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Milan Salone 2017: Mining stardust

13 : 04 : 2017 Milan Salone 2017 : Sustainability : Whole-system Thinking

Milan - Designers Kirstie van Noort and Xandra van der Eijk consider the potential of collecting extraterrestrial dust as a new resource.

  • As Above, So Below was presented as part of the Dutch Invertuals exhibition Harvest
  • The show proposed a collection of futuristic alternatives to the existing economic system
As Above, So Below by Kirstie van Noort and Xandra van der Eijk at the Harvest exhibition by Dutch Invertuals, Milan As Above, So Below by Kirstie van Noort and Xandra van der Eijk at the Harvest exhibition by Dutch Invertuals, Milan
As Above, So Below by Kirstie van Noort and Xandra van der Eijk at the Harvest exhibition by Dutch Invertuals, Milan As Above, So Below by Kirstie van Noort and Xandra van der Eijk at the Harvest exhibition by Dutch Invertuals, Milan
As Above, So Below by Kirstie van Noort and Xandra van der Eijk at the Harvest exhibition by Dutch Invertuals, Milan As Above, So Below by Kirstie van Noort and Xandra van der Eijk at the Harvest exhibition by Dutch Invertuals, Milan
As Above, So Below by Kirstie van Noort and Xandra van der Eijk at the Harvest exhibition by Dutch Invertuals, Milan As Above, So Below by Kirstie van Noort and Xandra van der Eijk at the Harvest exhibition by Dutch Invertuals, Milan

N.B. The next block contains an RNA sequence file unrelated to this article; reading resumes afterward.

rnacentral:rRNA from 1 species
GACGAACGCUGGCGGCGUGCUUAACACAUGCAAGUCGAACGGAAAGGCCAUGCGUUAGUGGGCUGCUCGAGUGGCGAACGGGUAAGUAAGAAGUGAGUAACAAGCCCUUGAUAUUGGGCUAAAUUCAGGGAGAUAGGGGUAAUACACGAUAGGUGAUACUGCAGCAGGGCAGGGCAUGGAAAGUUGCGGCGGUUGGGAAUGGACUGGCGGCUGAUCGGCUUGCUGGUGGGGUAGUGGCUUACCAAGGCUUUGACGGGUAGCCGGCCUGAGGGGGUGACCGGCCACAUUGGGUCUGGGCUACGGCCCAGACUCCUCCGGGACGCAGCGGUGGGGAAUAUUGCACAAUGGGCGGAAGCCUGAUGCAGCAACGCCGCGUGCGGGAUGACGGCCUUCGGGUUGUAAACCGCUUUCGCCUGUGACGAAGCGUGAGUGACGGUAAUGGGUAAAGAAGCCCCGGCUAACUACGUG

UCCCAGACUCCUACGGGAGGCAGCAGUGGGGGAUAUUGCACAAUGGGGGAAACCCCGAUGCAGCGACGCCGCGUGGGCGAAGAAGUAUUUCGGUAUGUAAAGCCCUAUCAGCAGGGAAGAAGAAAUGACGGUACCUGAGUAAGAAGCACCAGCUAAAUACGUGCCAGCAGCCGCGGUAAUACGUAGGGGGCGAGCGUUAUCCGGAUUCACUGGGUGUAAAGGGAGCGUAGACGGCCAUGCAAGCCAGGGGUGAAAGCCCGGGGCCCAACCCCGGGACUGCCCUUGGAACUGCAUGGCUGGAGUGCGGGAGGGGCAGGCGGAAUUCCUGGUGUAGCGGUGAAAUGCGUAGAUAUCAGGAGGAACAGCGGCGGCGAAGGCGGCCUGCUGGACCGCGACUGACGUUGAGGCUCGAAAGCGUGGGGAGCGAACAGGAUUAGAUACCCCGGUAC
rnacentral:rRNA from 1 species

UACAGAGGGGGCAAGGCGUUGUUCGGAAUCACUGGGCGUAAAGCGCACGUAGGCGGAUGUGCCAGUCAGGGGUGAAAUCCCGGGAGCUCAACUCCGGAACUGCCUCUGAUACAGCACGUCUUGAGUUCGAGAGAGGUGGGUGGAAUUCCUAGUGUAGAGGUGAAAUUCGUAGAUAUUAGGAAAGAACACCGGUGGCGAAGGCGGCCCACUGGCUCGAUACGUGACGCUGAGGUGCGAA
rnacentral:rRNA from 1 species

Expanding on themes explored during Dutch Design Week 2016, the exhibition featured works from 10 emerging and established designers who considered new forms of gathering, producing and distributing resources. Van Noort and van der Eijk’s project, which envisages new forms of mining, is a response to the depletion of natural resources on Earth.

The designers were inspired by NASA findings that reveal how an estimated 37,000–78,000 tonnes of extraterrestrial material falls to the surface of the Earth each year. After collecting matter from rooftops and gutters, they analysed its magnetic properties to verify its origin and identify potential micro-meteorites. Finally, they melted a verified meteorite to produce a metal cube that served to highlight the potential of the material.

Through their project, Van Noort and van der Eijk propose that the resource could be gathered in the future through ‘crowdmining’, opening the practice up to the public as a potential source of profit.

The Big Picture

Designers are combining the search for new materials with economic models such as crowdsourcing to prepare humanity for a future of depleting resources. For more on design-led solutions for the Anthropocene age, read our Whole-system Thinking macrotrend.